AS FOR MANY people working Christmas Day, things were fairly slow yesterday for attendant Ashwani Kumar at the Riggins gas station and convenience store at Frankford and Torresdale avenues in Frankford.
But in Kumar's case, the holiday wasn't the only explanation. The station's six pumps were still inoperable - covered with plastic bags - two days after a 48-inch water main more than a century old burst, flooding several businesses with millions of gallons of water.
"Almost everything is [on an] electronic system, so all electronic system is dead," Kumar said from a glass-enclosed booth inside the store.
The station usually sells between 3,500 and 4,000 gallons of gasoline a day, he said. Once the pumps are back up and running, city inspectors will have to give the green light. Kumar said it is unclear how long that could take. "Maybe one week, maybe 10 days," he said.
The gas station is one of many businesses along the commercial stretch dealing with fallout from Monday's eruption. Most were closed yesterday, but several used-car lots nearby have reported extensive damage to vehicles, with the total loss expected to be in the millions of dollars.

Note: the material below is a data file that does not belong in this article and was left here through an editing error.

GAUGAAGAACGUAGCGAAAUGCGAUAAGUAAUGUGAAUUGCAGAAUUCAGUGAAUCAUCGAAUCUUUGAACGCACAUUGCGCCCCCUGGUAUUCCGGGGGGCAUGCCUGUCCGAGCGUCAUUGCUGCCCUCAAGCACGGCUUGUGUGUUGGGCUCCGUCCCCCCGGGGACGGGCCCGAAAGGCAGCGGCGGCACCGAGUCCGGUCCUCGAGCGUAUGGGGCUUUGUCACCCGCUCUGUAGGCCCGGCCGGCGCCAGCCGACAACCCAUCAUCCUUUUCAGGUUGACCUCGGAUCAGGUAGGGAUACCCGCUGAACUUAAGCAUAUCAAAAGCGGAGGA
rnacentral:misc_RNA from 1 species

Under state law, the city's maximum payout for such events is $500,000. A proposal from state Sen. Larry Farnese, D-Philadelphia, to raise that amount is pending before a Senate committee.
Although the pumps at Riggins were not being used yesterday, Kumar was keeping a close eye on them. About three years ago, he said, someone vandalized a pump when the station was closed for renovations.
"So now I can't close," he added while tending to customers inside the store.
Part of Torresdale Avenue will remain blocked off for months as crews work to clean up the area, repair the buckled road and fix the main, which goes down 20 feet and was built in 1907.